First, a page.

Craftsman Knives & Razors. Handmade. With No Compromise.
You Have Been Fed Lies
I’m sorry to have to tell you this. You have been lied to.
Let’s start from the beginning though shall we? (Fade Screen)
Way back in 1821 a French metallurgist, Pierre Berthier first recognized the corrosion resistance of iron-chromium alloys. This was the beginning of Stainless Steel. At the turn of the century into the 1900’s the development of this new alloy was in full swing. Finally around 1914, things went full tilt and a true industrialized process was created, to make Stainless Steel as we know it an easy to manufacture and widely used method. It became the everyday steel. And the world changed.
Stainless steel became the new rage. Industrialization of the global economy had begun.
This is not a bad thing, and if truth is told all of us have benefited from the wonders of that period. Our standard of living was greatly increased, the costs of household items was greatly decreased, and all in all, in general, our lives have been made better for it. But there is a cost to this. And part of that cost is the lie that I'm about to reveal to you.
You see part of what makes industrialization work, is being able to sell the product that you're making to a huge mass of people. The creation of stainless steel utterly changed the landscape of cutlery. Suddenly a knife could be made that no longer needed to be oiled or be treated with the dedicated care that knives had required for the last several thousand years. By the 1960s the blacksmith had virtually disappeared from the face of the world. (But that is another story.) This wonderful magical stainless and sometimes in the early days called, “stain free” steel was all the rage. It took over the world.
But there was a cost to this. That bit of chromium added to the iron and carbon which helped create a shiny oxide layer that prevented rust better than anything ever before, also softened the steel if but just a bit. For many applications this was no big deal. But for some it had serious effects. And for a few, well they wouldn't even touch the stuff.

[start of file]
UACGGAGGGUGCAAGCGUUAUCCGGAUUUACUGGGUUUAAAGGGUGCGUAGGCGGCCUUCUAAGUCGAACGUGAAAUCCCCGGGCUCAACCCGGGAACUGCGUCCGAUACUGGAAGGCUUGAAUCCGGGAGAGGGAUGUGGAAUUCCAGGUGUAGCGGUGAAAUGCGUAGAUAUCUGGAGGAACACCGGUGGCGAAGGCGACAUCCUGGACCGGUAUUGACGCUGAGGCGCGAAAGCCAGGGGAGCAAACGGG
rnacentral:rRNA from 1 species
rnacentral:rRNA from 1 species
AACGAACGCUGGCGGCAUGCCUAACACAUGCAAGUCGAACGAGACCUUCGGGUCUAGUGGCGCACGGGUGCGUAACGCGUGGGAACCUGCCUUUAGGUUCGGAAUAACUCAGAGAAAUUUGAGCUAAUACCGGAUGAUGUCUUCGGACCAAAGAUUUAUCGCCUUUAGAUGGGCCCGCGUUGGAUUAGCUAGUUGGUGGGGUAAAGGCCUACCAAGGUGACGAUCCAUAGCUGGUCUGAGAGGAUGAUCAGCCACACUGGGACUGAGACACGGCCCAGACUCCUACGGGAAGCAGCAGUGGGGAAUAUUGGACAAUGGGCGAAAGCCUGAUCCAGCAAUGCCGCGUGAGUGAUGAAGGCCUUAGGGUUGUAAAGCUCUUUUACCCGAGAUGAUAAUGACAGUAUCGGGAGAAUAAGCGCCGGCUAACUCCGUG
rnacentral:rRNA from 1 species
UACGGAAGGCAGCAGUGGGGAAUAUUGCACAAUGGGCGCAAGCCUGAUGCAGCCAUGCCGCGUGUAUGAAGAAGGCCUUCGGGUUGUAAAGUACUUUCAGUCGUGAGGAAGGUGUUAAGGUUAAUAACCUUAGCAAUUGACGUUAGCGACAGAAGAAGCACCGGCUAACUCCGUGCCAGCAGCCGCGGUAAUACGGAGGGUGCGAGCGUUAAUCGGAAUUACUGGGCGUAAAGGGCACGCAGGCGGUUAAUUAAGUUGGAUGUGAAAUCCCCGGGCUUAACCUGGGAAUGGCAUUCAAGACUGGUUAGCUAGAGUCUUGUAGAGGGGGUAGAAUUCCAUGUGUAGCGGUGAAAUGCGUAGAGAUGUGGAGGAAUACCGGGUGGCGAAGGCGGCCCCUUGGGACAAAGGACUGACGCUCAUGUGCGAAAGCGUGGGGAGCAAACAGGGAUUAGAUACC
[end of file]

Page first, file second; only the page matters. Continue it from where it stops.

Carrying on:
Take your forks and spoons. No big deal if they are stainless or high carbon or made of aluminum. Your teeth don't know the difference and it has really no effect on the food you eat. Now look at a woodworker. A person that requires a ridiculously sharp tools and needs that tool to remain sharp for the duration of its job. You will never find a stainless wood chisel. Ever. No woodworker worth his salt would even give one a try. They already know what I am telling you now. A stainless chisel could never hold its edge.
And so we come to the common knife. It turned out that for most users in homes and households a stainless blade was just fine. Sure you have to sharpen more often because they dulled up far faster. But the advantage of their stainless qualities overrode that.
Then the manufacturers in their zeal to increase profits and sell to more people began telling their little white lies. They started to try and convince consumers that this magic stainless steel was in fact just as hard as any high carbon. And sadly, the consumers believe them. Marketing efforts being creatively generated by some of the shrewdest minds began to sway the opinion of the masses. And so it was, that people began to believe that this miracle stainless steel could in fact match the hardness and sharpness of the high carbon blade.
It can't. A high carbon blade can and will always outperform a stainless blade in that category. It's simple physics. The high carbon blade is simply harder. Harder steel makes for a sharper edge. Harder steel makes for an edge that lasts longer. Chefs that demand a razor edge to go the distance for their work will only use high carbon knives.
Besides , you still can't find a woodworker with a stainless chisel.
Remember that the next time you're looking for your, “go to” blade and you require a level of sharpness and a level of performance that needs to be unmatched. High carbon requires more attention, but gives you so much more in return.
John M. Glueck